Alison Seabrooke has had to steer the Community Development Foundation through a turbulent year. It had operated as a charity and a public body since its formation in 1967, but in March lost its public body status in the government's bonfire of the quangos, lost its grant-in-aid as a result and was forced to make almost half of its 67 staff redundant.
Seabrooke admits that it was a difficult time and she would have preferred the foundation to keep its public body status. "We didn't want to go, because we felt we could have more influence within government," says Seabrooke. "But we'd seen it coming, and done a lot of planning."
So far, the move has not diminished the influence of the CDF much as people had feared. "We've found we have more influence with the Office for Civil Society and the Home Office," she says. "Our independent role is quite attractive to them. We aren't scrabbling around for money. And we've got a greater sense of focus and purpose."
Since becoming an independent entity, it has won the contracts for administering two regeneration programmes: the £200m Big Local Trust, funded by the Big Lottery Fund; and the Office for Civil Society's £80m Community First programme.
The two programmes have many similarities, the most important of which, says Seabrooke, is that they will both give power over regeneration to local groups rather than central or local government. Both programmes also focus on the most deprived areas of the UK, both provide long-term funding, and both use a "ground-up" approach that hands control of the money to local people.
Under the programmes, groups of local people will apply to become the custodians of funds. Once local groups are set up to take stewardship of the money, they will have the responsibility for allocating it themselves, with support from the CDF. The Big Local Trust will make £1m or more available in 150 areas around the UK over the next 10 years. Community First will make available between £17,000 and £200,000 in small grants in 600 areas over the next four years.
However, communities must also attract match-funding in cash or in volunteer time. The programme will also provide a total of £50m in match fund endowments that will support community work.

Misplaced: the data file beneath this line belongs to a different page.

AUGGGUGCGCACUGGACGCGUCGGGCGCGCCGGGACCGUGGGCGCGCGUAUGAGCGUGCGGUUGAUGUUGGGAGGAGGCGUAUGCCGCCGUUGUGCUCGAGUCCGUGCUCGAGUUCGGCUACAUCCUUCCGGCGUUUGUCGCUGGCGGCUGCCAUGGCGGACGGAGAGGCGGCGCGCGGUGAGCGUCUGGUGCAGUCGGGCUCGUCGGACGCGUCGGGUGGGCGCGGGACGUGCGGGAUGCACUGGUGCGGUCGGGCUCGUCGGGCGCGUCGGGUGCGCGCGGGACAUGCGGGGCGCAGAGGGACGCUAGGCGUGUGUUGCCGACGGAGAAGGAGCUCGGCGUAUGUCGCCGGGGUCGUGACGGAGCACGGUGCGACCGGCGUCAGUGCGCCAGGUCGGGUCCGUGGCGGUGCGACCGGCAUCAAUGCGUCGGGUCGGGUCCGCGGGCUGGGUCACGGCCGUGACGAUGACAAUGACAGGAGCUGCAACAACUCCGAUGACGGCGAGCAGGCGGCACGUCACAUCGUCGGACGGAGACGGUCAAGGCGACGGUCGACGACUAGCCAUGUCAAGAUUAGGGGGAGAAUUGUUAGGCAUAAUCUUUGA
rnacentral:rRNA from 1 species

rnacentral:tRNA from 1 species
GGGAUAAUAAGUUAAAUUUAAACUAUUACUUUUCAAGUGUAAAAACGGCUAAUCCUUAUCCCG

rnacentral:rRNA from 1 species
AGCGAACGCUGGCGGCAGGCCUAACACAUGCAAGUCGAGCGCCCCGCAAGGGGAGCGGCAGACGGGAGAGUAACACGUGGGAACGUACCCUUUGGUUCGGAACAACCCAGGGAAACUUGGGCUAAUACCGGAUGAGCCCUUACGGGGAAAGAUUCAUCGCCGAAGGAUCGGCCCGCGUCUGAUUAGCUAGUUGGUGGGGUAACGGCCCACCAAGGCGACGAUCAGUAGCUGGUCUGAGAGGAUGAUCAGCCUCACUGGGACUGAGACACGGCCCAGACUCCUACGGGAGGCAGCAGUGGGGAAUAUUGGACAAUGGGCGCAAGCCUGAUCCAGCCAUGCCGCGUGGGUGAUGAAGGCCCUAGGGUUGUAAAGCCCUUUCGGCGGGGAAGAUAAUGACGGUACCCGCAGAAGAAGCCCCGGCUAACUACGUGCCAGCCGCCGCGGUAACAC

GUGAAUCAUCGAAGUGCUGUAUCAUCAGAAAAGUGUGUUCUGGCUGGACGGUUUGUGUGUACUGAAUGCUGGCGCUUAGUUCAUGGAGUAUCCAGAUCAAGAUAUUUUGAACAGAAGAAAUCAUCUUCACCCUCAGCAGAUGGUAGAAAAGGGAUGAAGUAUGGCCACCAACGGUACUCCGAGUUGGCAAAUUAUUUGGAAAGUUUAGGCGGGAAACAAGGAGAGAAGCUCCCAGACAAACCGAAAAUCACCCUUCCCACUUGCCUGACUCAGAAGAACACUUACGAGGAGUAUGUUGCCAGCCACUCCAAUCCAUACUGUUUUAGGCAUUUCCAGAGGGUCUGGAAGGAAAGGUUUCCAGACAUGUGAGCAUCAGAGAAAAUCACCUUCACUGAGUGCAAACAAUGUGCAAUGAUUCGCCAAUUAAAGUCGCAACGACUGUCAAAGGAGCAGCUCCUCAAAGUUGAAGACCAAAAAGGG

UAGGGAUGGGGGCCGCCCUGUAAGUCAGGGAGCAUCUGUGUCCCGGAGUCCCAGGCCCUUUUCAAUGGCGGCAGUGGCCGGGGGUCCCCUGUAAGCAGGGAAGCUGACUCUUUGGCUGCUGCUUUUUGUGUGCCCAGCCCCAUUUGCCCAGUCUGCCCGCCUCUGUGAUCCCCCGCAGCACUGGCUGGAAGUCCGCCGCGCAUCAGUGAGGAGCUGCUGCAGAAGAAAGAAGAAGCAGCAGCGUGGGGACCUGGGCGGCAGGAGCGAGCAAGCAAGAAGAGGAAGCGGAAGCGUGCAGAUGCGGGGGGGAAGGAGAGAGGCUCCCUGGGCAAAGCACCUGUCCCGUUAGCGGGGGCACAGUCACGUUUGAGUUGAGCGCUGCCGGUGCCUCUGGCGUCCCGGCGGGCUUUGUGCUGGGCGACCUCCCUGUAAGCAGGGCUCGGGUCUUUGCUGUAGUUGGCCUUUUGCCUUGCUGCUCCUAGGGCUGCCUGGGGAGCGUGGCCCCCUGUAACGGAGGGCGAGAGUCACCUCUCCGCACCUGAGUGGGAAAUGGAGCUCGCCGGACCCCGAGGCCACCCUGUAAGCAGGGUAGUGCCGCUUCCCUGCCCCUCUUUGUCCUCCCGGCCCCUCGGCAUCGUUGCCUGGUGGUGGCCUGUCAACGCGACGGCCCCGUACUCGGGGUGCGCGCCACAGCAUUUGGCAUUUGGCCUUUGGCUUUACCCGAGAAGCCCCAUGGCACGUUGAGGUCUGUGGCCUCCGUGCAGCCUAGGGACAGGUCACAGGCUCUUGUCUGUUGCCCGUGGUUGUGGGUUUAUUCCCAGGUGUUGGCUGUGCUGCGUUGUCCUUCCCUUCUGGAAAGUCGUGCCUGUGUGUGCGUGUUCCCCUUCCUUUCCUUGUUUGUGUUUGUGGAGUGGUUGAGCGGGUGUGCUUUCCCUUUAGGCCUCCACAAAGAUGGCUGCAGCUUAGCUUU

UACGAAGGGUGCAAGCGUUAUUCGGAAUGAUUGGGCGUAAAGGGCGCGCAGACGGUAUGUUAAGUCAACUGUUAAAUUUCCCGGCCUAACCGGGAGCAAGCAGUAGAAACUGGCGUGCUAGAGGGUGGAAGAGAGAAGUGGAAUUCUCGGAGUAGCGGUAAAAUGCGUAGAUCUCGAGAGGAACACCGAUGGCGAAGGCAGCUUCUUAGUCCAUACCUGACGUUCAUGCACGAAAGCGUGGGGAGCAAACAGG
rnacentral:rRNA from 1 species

Seabrooke believes that the previous top-down funding approach for community regeneration has not been successful, and that it is time to try something new. "Previously, national funders have either given out money in a very piecemeal way, or they've decided what they wanted and told someone to do it," she says.
"Now we're looking to the communities themselves to make those decisions. We're trying to push everything down to the grass roots. We're just facilitators. We manage the money."
She admits that there are many unknowns involved in taking a new approach, but says that the risk of failure is the price of innovation.
One problem that the CDF is keen to avoid is that of small cliques, rather than whole communities, determining where money should be spent.
"If you allow communities to appoint their own policy makers, there is a danger the money will end up in the hands of a special-interest group," she says.
"We are allowing people to put themselves forward, and we need to make sure those who do that don't have their own agenda. We've had to push back against a lot of existing voluntary groups who've told us 'You have to work through our network"."
The programme requires a lot of effort setting up local networks to give away relatively small amounts of money. But Seabrooke believes that the work involved will be beneficial to local communities.
"We're hoping this may form part of the learning," she says. "It will build capacity in local areas and help people identify areas where they can solve problems.
"These communities are in the situation they are, partly because they lack strong networks. We're hoping the organisations we help to set up will continue to exist after this programme has finished."
Another difficulty, she says, has been in choosing which areas should be selected.
"The funds have targeted areas where there's relatively little application for funds, because there aren't people with the skills to apply for grants," says Seabrooke. "These are areas where a small amount of money can make a big difference.
"Many people have asked why their area hasn't been chosen. It's because, relatively, there are others where we feel the need is greater."
2005: Chief executive, Community Development Foundation
2004: Team leader, Home Office and Department for Education and Skills
2000: Chief executive, Riccall Regen
1998: Project officer, Selby College